“The idea that this powerful foundation is setting in motion a means of measuring physiological responses to teachers is deeply disturbing,” Ravitch wrote in a blog post. “The act of teaching is complex. It involves art, science, and craft. Learning is far more than can be measured by a GRS bracelet.”

Of course it is.  But nowhere in the descriptions of the Gates research do I see the suggestion that a teacher's effectiveness will be evaluated based on a student's biometric feedback.  In fact, in response to all this anti-science foolishness, the Gates Foundation issued a statement, which Ravitch actually quoted on her blog, and then summarily dismissed, insisting teacher evaluation was not the goal of this study:

These grants are not all related to the Measures of Effective Teaching research project, and will not in any way be used to evaluate teacher performance.  Rather, these are tools to help students and teachers gain a better understanding how and when students are most engaged in the classroom, with the ultimate goal of learning how to help students learn better.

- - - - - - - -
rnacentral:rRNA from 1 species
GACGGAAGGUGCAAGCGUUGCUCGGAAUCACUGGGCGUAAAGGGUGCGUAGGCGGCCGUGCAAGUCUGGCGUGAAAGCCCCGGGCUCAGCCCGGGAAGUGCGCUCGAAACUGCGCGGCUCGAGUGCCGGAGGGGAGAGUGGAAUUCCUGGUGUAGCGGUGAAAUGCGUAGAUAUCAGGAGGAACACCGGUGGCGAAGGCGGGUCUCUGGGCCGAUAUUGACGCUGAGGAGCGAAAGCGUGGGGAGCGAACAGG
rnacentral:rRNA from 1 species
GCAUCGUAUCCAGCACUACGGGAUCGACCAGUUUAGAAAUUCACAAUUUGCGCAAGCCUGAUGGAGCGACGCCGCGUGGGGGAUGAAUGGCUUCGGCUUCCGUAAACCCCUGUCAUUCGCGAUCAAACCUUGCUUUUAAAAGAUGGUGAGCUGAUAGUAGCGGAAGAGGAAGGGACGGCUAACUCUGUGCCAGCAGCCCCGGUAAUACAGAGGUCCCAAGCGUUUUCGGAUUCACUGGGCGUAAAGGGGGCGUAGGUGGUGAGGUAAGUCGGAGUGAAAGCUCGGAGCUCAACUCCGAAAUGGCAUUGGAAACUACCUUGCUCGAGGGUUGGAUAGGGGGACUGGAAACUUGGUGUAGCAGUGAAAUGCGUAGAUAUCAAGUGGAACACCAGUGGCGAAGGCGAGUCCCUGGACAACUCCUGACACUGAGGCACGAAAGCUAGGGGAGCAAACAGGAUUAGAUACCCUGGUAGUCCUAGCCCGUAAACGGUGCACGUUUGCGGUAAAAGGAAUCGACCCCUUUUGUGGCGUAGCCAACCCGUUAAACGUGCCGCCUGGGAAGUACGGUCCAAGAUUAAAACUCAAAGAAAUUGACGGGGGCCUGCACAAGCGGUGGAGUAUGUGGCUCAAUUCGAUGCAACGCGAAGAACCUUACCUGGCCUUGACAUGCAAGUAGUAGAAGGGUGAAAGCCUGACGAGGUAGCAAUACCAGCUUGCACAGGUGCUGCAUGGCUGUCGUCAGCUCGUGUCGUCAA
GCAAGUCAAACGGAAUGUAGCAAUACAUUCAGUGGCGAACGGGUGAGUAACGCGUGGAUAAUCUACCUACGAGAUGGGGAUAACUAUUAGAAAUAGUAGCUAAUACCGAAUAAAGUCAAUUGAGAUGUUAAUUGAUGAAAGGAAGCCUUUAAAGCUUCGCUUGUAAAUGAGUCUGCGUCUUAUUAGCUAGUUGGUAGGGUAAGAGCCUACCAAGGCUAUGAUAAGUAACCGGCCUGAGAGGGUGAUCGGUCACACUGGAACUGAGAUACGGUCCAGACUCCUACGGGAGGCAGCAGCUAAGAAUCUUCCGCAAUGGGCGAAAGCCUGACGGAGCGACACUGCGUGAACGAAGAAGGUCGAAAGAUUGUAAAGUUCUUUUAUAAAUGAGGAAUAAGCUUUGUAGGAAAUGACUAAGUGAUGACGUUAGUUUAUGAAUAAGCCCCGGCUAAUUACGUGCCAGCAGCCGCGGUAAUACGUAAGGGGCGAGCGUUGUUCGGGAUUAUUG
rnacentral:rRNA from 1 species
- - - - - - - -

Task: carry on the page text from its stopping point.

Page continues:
Maybe this is all a testament to how poorly schools have used student data in the past, or the slip-shod approach so many administrators take to using teacher observation data, or the badly-designed systems of teacher evaluation in so many states, that so many people reacted to a simply scientific study with such thoughtless fury.  Maybe I shouldn't be surprised.

But in my experience, student engagement is one of the most critical and difficult-to-measure components of the learning process.  I have watched experienced educators wrestle for hours trying to refine definitions of engagement for establishing better classroom walkthrough processes.

And while simply measuring arousal without a lot of additional contextual information obviously won't give you a very reliable assessment of what's actually going on in the classroom, this kind of simple biometric data still has the potential to tell us something.  And given the widespread problem of poor student engagement, especially at the secondary level, I'm willing to give researchers the benefit of the doubt and see what they can find by doing some basic exploratory studies.